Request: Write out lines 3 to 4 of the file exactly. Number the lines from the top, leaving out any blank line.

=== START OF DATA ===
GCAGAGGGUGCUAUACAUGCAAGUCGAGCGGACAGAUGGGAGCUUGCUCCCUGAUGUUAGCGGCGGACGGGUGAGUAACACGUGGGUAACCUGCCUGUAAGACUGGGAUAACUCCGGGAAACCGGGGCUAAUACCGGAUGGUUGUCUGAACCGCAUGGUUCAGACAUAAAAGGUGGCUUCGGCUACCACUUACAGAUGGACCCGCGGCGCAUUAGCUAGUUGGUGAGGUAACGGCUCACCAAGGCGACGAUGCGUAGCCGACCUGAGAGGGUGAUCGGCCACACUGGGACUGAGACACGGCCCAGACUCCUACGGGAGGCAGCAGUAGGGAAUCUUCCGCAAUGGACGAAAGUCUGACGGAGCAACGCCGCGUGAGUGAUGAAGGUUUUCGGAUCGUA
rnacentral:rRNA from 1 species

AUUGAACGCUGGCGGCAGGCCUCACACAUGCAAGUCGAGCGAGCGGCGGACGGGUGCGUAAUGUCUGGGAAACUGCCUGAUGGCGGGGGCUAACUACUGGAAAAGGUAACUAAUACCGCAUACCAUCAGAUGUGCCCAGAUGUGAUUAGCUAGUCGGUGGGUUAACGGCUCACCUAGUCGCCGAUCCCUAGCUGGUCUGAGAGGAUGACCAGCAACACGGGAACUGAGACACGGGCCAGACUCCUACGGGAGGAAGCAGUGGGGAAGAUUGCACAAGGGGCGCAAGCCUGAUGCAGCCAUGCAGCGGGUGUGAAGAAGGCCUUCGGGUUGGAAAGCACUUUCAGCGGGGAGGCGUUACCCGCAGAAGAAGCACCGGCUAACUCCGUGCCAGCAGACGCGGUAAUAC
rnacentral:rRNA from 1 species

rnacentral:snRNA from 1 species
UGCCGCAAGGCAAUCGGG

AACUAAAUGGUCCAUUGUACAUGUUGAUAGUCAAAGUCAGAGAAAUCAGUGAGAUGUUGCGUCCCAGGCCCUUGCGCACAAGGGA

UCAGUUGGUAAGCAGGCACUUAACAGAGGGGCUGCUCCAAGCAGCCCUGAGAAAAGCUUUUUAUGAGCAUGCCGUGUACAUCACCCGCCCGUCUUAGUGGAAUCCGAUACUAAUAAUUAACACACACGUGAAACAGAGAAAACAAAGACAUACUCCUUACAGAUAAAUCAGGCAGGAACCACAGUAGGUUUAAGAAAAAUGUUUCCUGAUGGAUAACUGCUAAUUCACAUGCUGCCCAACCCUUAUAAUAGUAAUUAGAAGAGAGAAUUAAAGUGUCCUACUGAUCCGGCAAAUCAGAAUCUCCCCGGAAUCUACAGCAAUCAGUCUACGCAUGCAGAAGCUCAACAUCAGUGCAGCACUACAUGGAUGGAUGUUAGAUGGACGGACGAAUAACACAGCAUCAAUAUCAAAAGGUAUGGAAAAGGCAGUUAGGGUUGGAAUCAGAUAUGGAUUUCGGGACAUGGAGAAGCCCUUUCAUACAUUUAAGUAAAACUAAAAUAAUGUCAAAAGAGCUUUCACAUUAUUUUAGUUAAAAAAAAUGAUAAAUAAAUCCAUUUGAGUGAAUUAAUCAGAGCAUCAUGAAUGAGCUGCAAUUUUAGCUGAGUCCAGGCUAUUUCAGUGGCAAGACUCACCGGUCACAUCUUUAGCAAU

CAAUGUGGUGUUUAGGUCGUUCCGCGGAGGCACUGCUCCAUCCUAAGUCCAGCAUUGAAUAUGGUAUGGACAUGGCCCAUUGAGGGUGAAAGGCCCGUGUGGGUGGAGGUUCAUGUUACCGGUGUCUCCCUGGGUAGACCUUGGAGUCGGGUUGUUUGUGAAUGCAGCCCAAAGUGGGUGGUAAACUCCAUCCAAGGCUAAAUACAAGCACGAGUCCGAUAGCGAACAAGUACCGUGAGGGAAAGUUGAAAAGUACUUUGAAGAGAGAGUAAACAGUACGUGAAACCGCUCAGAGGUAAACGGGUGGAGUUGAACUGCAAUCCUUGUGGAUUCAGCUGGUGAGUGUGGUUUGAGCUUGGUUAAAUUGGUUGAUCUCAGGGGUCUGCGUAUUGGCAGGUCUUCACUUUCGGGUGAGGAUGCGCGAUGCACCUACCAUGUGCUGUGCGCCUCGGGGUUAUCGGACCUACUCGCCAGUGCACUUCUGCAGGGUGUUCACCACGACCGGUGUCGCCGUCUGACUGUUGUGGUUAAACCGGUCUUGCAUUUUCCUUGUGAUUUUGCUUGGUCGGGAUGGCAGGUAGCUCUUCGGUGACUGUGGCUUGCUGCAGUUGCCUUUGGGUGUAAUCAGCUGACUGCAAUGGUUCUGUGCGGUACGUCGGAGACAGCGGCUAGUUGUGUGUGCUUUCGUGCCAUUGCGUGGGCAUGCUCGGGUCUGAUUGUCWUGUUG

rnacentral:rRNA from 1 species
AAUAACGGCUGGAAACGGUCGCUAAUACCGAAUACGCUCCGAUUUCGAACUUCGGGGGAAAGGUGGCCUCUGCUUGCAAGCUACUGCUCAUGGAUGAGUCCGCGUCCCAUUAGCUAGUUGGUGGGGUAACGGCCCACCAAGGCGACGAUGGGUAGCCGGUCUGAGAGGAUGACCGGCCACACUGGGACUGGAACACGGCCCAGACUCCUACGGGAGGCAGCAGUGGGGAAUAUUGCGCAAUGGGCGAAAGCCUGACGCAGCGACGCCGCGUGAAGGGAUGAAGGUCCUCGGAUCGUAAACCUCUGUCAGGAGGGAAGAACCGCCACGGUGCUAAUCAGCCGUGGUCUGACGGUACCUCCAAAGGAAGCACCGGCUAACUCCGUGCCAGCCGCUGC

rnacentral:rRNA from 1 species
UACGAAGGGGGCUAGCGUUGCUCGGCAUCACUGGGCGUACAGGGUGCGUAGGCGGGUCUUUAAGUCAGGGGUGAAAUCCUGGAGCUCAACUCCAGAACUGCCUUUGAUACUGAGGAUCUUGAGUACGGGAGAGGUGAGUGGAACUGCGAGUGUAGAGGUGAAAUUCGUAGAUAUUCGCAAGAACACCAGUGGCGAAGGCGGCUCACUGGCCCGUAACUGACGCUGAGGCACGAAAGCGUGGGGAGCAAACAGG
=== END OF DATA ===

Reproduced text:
AUUGAACGCUGGCGGCAGGCCUCACACAUGCAAGUCGAGCGAGCGGCGGACGGGUGCGUAAUGUCUGGGAAACUGCCUGAUGGCGGGGGCUAACUACUGGAAAAGGUAACUAAUACCGCAUACCAUCAGAUGUGCCCAGAUGUGAUUAGCUAGUCGGUGGGUUAACGGCUCACCUAGUCGCCGAUCCCUAGCUGGUCUGAGAGGAUGACCAGCAACACGGGAACUGAGACACGGGCCAGACUCCUACGGGAGGAAGCAGUGGGGAAGAUUGCACAAGGGGCGCAAGCCUGAUGCAGCCAUGCAGCGGGUGUGAAGAAGGCCUUCGGGUUGGAAAGCACUUUCAGCGGGGAGGCGUUACCCGCAGAAGAAGCACCGGCUAACUCCGUGCCAGCAGACGCGGUAAUAC
rnacentral:rRNA from 1 species